Harsha Bhogle

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West Indies tour shapes and builds a young Indian team

A tour of the West Indies between the World Cup and the IPL on the one
hand, and the rather more newsworthy tour of England on the other, was
always going to be like a meagre piece of cheese in a sandwich - the
kind where you only have a bit left and four slices of bread to spread
it over! So I wasn't surprised that a few players opted to stay out;
when you can't eat everything you are served you pick the food you like
the most!

 

It did however, allow the youngsters to be tested in relatively calmer waters and that is a luxury you are rarely allowed. And most of the batsmen, brought up on one-day cricket, discovered that the going can be tough. It is a realisation that is best arrived at early and best discovered rather than taught. Some players will become better for the experience, while others will buckle under with self-doubt. That is the way of evolution and that is why I was always positive about this series.

 

These players would have seen how Rahul Dravid and VVS Laxman handle situations and in the West Indies, where there is little else to do, this bonding will hopefully be invaluable. The likes of Abhinav Mukund and Virat Kohli could emerge bruised but stronger.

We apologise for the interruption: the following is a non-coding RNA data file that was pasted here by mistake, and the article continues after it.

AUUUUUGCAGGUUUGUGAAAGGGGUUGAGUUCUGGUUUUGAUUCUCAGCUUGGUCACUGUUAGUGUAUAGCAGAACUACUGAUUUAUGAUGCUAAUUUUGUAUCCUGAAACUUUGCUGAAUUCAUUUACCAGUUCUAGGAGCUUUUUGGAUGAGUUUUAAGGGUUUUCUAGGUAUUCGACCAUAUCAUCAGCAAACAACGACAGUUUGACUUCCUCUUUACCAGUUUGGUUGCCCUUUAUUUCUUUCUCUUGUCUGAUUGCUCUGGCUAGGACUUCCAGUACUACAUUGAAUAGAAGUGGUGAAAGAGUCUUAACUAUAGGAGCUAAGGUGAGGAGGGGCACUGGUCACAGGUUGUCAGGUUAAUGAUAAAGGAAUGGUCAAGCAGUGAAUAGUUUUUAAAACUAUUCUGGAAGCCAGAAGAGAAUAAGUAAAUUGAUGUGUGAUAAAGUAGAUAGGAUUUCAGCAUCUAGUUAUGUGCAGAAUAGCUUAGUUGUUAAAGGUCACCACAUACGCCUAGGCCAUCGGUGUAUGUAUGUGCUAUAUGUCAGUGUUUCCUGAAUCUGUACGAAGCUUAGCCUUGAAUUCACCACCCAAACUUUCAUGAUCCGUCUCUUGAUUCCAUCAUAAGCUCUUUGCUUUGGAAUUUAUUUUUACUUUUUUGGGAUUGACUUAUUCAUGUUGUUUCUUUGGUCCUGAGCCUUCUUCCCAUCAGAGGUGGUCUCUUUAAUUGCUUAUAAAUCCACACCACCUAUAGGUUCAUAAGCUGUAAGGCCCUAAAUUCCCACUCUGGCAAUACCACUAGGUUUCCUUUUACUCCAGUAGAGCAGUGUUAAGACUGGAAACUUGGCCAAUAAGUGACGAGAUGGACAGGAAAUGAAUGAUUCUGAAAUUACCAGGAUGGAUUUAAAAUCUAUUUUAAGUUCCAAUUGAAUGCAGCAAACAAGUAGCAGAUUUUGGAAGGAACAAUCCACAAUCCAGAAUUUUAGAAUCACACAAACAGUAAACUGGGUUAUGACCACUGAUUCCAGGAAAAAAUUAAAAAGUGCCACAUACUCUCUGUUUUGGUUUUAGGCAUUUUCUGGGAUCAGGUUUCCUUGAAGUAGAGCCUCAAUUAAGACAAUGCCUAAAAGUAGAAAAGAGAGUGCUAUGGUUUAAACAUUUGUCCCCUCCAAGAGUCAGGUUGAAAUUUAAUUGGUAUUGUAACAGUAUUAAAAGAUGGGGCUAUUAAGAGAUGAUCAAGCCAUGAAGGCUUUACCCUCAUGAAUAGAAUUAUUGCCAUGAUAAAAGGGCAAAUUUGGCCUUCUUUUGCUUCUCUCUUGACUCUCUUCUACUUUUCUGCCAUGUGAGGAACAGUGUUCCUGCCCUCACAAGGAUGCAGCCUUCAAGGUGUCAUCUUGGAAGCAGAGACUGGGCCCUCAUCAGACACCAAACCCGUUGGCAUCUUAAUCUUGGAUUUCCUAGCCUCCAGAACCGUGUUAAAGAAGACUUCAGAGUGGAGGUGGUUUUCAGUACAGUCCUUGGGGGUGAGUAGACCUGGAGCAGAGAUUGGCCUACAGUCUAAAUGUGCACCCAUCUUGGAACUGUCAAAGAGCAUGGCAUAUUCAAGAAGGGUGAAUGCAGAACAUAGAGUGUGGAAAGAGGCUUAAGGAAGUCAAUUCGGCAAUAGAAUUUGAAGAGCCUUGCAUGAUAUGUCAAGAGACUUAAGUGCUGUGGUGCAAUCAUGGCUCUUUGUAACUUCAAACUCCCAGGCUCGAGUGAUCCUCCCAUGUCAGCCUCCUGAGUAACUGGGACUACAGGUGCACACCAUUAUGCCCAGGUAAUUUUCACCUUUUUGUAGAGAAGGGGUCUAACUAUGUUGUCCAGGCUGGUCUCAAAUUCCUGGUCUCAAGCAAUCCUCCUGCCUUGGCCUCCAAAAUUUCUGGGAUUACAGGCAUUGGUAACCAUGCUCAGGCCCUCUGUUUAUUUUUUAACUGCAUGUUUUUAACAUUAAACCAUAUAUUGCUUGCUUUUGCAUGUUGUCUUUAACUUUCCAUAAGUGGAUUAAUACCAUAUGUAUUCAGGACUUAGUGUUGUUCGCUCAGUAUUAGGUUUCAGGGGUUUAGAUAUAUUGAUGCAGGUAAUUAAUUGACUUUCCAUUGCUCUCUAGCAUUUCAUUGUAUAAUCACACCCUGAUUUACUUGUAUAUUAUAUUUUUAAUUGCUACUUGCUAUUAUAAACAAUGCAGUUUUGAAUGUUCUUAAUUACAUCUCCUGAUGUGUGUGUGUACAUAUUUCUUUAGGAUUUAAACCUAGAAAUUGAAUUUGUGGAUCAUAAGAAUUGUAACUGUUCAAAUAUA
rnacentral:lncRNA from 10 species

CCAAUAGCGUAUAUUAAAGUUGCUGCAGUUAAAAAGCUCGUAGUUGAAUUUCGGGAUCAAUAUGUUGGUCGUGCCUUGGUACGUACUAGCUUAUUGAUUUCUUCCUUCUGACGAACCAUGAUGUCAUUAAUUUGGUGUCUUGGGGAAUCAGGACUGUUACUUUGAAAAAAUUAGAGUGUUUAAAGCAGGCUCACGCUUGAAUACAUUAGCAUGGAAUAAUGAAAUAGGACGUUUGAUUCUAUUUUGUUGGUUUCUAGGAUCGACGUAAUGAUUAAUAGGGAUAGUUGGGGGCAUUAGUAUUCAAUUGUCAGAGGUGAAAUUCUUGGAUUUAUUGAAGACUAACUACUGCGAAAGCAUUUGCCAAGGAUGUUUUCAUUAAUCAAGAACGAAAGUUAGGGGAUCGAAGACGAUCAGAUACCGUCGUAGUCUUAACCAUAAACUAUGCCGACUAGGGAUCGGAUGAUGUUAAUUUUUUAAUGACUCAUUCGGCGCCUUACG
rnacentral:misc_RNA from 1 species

Suresh Raina was the major beneficiary. He doesn't always convince everyone of his ability to bat at this level but he is a keener, tougher cricketer than he suggests sometimes. I suspect it was going to be a shootout between him and Kohli for the last batting slot until the selectors decided Yuvraj Singh deserved another chance and he grabbed it. Yuvraj is befriending grit and that is not a bad thing, for it will be much needed in England.

 

It was the bowling, however, that raised two cheers even as it threw up an unsettling question. Praveen Kumar, in spite of his amiable pace, showed he can belong at this level and can bowl with an oldish ball. The real bonus, though, was the bowling of Ishant Sharma. In a land of medium-pacers his extra speed is vital and for that he must be in rhythm. Everything else follows for him as we saw in the second Test.

 

But Harbhajan Singh needs to look inward a bit more. The first Test should have been his with the ball turning and bouncing like it would in an off-spinner's dream. He is not the youngest anymore and though spinners last a bit longer, he is past the halfway point of his career. It is a time when the best cricketers reinvent themselves and if he does, India will be very well served.

 

Harsha Bhogle, is writing in his role as a Castrol Index spokesperson.

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